Evidential Reasoning about Motives: A Case Study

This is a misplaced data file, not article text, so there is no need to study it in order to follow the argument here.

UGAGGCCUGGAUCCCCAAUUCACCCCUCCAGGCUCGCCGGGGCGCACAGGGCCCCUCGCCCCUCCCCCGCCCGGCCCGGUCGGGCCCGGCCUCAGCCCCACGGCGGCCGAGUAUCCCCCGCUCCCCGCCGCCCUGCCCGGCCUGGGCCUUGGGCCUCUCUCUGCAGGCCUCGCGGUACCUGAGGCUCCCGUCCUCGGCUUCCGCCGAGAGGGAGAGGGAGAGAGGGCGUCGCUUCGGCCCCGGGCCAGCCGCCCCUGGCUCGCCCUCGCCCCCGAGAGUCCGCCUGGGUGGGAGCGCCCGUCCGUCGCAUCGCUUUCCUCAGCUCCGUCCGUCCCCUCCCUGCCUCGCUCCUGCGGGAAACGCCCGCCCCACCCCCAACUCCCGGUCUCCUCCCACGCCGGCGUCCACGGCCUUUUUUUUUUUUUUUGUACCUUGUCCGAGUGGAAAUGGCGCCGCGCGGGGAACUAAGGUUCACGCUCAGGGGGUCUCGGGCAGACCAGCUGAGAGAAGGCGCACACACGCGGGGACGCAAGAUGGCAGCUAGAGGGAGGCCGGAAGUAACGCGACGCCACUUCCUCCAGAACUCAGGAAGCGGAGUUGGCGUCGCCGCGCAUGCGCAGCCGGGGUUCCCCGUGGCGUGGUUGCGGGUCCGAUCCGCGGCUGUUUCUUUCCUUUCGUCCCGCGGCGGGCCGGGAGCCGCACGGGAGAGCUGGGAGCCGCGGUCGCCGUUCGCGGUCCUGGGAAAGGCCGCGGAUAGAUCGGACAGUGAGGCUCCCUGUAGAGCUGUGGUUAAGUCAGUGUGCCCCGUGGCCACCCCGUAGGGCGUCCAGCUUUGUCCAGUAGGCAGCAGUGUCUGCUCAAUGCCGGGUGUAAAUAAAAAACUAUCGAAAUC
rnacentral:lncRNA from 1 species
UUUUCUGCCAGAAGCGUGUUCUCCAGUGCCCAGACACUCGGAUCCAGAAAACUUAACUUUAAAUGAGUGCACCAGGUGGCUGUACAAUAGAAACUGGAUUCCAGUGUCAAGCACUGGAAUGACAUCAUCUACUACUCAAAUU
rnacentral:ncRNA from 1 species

Motives play an important role at every stage of a criminal investigation. They can be used to search for an explanation of the crime (why was this person killed?), to identify a suspect (who would have killed this person for this reason), and to persuade a jury of a suspect's guilt (this motive explains why this person committed this crime). We have previously developed an account of motivations based on a general approach to practical reasoning. In this paper we will concentrate on the use of motives to provide plausibility to a story intended to persuade a jury of a person's guilt or innocence. We will concentrate on a particular case study, formalised previously by Thagard, the two trials of Claus von Bulow. An advantage of our approach is that it allows stories to be considered from an intentional as well as a physical stance, whereas in previous accounts, including Thagard's, only the physical stance is available. We show how our approach can be used to explain the outcome of both trials, and to identify the points in which the defence could be improved from the first trial to the second.[Full Paper]
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